In 2010, as NPR host and special correspondent Michele Norris traveled the country to promote her family memoir “The Grace of Silence” she had an idea. To engage the audience at her readings, she handed out postcards and, "I asked people to think about their experiences, questions, hopes, dreams, laments or observations about race and identity. Then, I asked that they take those thoughts and distill them to just one sentence that had only six words. People took the cards with them and mulled over the assignment. I hoped that a few might send them back to me via email or through the U.S. Postal Service. . . Dozens of those little postcards started arriving in the mail every week and bit by bit, more and more of those little six-word “essays” piled up in my inbox from all over the country, and then amazingly from all over the world.”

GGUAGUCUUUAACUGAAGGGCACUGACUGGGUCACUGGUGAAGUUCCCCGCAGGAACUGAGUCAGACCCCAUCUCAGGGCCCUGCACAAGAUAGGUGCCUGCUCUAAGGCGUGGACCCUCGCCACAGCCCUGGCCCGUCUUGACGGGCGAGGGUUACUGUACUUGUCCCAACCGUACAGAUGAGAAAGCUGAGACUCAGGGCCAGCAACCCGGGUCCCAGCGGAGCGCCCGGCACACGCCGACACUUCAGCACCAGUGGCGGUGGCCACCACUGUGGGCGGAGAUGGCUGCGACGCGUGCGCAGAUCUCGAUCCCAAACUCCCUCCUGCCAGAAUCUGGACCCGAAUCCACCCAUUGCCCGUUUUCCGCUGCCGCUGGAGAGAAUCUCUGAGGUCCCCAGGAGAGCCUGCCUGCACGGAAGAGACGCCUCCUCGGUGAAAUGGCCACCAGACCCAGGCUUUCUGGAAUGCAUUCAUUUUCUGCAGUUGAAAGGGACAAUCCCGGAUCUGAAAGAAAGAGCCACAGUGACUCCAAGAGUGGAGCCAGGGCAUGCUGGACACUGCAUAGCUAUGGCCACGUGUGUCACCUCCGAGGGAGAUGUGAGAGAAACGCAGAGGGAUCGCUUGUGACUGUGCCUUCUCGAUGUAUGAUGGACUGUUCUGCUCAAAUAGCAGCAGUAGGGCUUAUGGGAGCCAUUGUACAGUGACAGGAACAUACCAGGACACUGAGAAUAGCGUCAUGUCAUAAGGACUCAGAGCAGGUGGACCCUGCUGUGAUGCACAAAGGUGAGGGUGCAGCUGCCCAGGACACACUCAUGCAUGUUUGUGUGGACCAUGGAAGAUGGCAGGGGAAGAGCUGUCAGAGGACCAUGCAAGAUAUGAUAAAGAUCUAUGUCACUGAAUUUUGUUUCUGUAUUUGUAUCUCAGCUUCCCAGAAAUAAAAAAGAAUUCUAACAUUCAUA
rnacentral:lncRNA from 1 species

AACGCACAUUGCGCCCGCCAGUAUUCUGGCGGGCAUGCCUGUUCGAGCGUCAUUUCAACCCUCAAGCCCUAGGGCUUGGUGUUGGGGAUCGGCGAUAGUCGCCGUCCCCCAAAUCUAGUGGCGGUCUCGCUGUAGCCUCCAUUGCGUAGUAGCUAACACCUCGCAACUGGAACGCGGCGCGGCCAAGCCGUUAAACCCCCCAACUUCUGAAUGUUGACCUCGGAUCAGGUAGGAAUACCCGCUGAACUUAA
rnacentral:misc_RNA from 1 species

She created The Race Card Project™ as a website and the project has earned a deep well of trust on a thorny topic as evidenced by the candor and depth of the submissions. The Six Word essays provide a window into America's private conversations about race and cultural identity. As such, the website has been used by schools, businesses, churches and even the military to foster a dialogue about race. The Six Word stories are also featured regularly in reports by Michele Norris on NPR's Morning Edition.
The Reference Services department at is hosting its own Race Card Project. Please visit us on Floor 3 of Central Library through the month of July to contribute your own story and enrich our local conversation. Or leave your comments here, and we will be happy to add them to our collection.
I have no words for this.
amerikkka lynches the poor, slavery 2016
Perspectives Always benefit more than opinions
How do we start the conversation?
Race is a construction; reject it.
Don't just stand. Stand with conviction.
I'm in a really bad dream